Patrick, What Were You Thinking?

By: | Wed 11 Dec 2019 | Comments


“Paddy, what were you thinking?” I groaned, when news broke that Patrick Reed – a golfer whose alleged past is already as chequered as a Battenberg cake – had been docked two shots for improving his lie in the Bahamas. The venue: the Hero World Challenge. The crime: as above. On the 11th hole of the third round of the tournament, Reed found himself squatting over a plugged lie in a bunker. He squared up to the ball, blasted out and went on his way, seemingly without any problems. But then a slow-motion clip of Reed’s pre-shot routine caught something. More specifically, a plume of sand. When the camera zoomed in yet further, it was discovered that, with each supposed practice swing, Reed was chiselling away at a barrier of sand behind his ball, appearing to remove, with each languid swipe, another cloud of sand between him and a clear lie. The PGA Tour called it “improving his line of play”. Though there have been voices of dissent, many people have called it by a balder term: cheating.

Two obvious points stand out. First, that unless we can transcend the laws of physics and peer directly into Reed's skull, we cannot 100% know if the swipes were deliberate. Second, that, though it pains me to admit it, much of the evidence we have to hand suggests that they were. I’ve copied the clip below so you can watch it. I would now invite you to stop reading this article and to do so.

Have you finished? So, what did you think? If you’re anything like me, you’ll be shocked, angry, incredulous, probably a bit of all three. Again, I stress that there’s no way to tell with 100% certainty that Reed was pushing away that sand mound deliberately, but, for anyone with eyes and a grasp of probability, well, let’s just say the 2018 Masters champion (lest we forget) has explaining to do.

For one thing, he did it not once but twice. Possibly, if just one cloud of sand had gone up, his defence – that it was totally an accident – would be maybe credible – but to swipe a significant plume of sand away from the ball two times in a row? That’s pushing it, man, that’s really pushing it. And then there’s the matter of contact – I’ve been in a bunker, been in many, in fact, and not once, on the rare occasion that I graze a bit of sand with my wedge, have I failed to notice it. Even when the sand is pretty fine, I’ve still clocked it. And dutifully called a penalty upon myself whenever I have. P Reed? Well, his account of the incident is pretty confusing: “It was obviously hitting a bit of sand, though I didn’t feel any drag. But when they brought it up for me [on the TV] I definitely saw it drag and, because of that, it is a two-shot penalty even though I didn’t feel like it would have affected my lie.” So he saw the sand, but didn’t feel any drag? Maybe, fair enough, I guess. But if he saw that he was kicking up sand, why didn’t he put his hand up? Surely Reed must have at least suspected he could have broken a rule?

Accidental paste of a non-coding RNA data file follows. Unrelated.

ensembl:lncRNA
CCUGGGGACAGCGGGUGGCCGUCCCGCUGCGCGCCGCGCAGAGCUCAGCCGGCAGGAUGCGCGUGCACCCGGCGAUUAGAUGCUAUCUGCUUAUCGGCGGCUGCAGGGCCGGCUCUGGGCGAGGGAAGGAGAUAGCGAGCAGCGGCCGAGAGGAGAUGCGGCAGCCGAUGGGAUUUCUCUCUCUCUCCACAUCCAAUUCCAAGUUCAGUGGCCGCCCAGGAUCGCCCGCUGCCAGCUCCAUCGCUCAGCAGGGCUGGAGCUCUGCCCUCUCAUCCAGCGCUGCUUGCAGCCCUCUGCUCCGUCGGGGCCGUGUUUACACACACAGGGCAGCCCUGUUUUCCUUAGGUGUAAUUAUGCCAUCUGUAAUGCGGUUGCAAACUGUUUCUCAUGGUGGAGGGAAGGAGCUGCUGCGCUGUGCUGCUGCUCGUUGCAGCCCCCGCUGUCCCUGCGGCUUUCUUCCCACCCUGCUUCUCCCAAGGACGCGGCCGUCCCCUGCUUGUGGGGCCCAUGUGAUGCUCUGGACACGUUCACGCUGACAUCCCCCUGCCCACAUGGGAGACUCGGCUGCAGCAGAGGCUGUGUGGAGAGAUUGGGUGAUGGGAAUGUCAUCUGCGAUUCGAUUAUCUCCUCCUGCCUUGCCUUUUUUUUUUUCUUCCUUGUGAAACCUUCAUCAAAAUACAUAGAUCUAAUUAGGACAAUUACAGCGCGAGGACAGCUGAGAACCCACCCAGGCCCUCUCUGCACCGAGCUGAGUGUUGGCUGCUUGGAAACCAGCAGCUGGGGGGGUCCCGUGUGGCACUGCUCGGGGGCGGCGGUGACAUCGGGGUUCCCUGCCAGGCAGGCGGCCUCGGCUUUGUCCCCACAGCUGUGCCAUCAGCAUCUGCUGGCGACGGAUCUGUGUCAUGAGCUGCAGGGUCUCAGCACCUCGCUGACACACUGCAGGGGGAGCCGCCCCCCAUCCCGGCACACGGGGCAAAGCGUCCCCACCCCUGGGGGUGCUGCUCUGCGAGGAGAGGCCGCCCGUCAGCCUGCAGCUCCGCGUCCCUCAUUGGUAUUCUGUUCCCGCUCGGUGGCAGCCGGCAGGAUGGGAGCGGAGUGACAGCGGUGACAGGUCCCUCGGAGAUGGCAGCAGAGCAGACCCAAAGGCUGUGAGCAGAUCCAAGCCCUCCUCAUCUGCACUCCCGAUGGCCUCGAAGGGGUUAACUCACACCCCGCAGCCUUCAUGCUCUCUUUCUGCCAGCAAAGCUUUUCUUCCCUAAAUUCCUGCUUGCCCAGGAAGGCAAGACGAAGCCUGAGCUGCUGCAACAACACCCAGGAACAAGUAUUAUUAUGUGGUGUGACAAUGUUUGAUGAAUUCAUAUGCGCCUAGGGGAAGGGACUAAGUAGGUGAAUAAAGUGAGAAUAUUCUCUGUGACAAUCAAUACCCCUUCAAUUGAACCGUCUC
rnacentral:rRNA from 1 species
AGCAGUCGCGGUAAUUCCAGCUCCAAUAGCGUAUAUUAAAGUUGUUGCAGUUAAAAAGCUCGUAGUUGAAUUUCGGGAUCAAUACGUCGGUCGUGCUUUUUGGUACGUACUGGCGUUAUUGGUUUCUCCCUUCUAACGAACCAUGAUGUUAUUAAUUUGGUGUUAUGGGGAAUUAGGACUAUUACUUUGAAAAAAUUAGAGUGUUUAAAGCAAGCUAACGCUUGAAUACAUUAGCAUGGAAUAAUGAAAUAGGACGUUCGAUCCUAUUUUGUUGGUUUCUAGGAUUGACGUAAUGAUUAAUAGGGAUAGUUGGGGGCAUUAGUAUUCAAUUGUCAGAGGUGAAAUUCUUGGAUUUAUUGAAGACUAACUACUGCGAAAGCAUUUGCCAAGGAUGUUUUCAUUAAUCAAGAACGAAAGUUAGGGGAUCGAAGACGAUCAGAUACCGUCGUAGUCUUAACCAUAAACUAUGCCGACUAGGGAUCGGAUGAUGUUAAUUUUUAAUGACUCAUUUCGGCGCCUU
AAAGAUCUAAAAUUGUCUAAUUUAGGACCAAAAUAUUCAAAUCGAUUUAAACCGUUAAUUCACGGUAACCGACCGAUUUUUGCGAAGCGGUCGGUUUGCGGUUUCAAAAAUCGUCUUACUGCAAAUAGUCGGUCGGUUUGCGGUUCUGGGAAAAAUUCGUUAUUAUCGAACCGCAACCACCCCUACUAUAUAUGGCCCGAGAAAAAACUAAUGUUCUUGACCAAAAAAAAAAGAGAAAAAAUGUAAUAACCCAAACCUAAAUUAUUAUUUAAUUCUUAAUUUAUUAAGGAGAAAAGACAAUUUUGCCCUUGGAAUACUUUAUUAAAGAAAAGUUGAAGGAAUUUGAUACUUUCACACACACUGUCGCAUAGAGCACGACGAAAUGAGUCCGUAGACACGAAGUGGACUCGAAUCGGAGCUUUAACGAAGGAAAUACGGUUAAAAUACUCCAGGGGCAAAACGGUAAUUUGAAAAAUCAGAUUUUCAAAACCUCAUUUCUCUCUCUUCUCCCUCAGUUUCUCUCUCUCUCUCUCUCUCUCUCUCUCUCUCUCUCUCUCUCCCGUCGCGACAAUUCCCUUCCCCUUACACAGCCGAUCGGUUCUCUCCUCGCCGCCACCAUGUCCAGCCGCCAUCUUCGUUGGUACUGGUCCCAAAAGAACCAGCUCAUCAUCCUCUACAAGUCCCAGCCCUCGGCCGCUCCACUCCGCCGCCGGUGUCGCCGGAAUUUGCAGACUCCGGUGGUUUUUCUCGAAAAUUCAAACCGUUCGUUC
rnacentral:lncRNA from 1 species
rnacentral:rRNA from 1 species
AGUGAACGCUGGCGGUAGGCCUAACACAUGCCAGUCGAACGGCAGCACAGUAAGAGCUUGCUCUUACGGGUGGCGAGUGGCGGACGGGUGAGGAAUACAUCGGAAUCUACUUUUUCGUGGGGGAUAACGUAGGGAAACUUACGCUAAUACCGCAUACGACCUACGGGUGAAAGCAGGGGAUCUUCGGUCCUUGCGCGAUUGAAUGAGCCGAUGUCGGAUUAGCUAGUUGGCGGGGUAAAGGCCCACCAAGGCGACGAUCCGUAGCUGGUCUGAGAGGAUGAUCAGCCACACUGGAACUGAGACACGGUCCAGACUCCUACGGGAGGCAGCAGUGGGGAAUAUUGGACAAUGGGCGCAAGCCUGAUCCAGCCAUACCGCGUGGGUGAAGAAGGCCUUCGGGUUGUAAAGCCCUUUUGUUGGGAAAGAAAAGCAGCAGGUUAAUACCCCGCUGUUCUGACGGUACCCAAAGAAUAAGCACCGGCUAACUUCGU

Weighing in on the incident a few days ago, Rory McIlroy – not, it should be noted, historically a Reed fan – defended the American golfer. If anybody other than Patrick Reed had done it, McIlroy said, “I don’t think it would be a big deal”. He probably has a point. Let’s be honest, if Jack Nicklaus or some other kindly vet had been seen doing this, the Twitterati probably wouldn’t be hounding them so hard. But then again, does either Jack Nicklaus or, say, I don’t know, Bernard Langer, have Reed’s alleged murky history, which includes an accusation of cheating, and theft, from his time on the University of Georgia golf team? And then there was that other video that starting circuiting, which shows Reed doing the sand thing AGAIN. And this is four years ago, in 2015.

Whether the sand scoops were intended or not, the ripple effects of Reed’s actions will span out beyond the Bahamas. Most immediately, they will almost certainly impact his reception at this week’s Presidents Cup, held deep in the International territory at Royal Melbourne, and which can be expected to be frosty, especially if Aussie pro Cameron Smith’s frank comments about Reed’s antics – “I don’t have any sympathy for anyone that cheats” – serve as any indication. However, there may also be other casualties, many of them longer reaching and more significant. Rumours of Reed cheating in college, for instance, cannot help but be reignited, and may now have more sticking power. And the incident may also throw a retrospectively suspicious light on Reed’s other, professional performances. Reed won the 2018 Masters by a single shot. For some, this win may now be tainted with suspicions of foul play.

Reed’s response to being caught out – to claim ignorance and realign his sights on the Presidents Cup – suggests that this latest scandal has rolled off him like all the others. For the rest of the golfing world, though, this incident is unlikely to wash off so easily. Whether it was an honest mistake or deliberate subterfuge, Reed’s actions have thrown his character into disrepute and only provide more ammo for his increasingly vociferous critics, in the professional game and beyond. Paddy. Oh Paddy. To channel Eddie Pepperell: “What the **** were you thinking?!”


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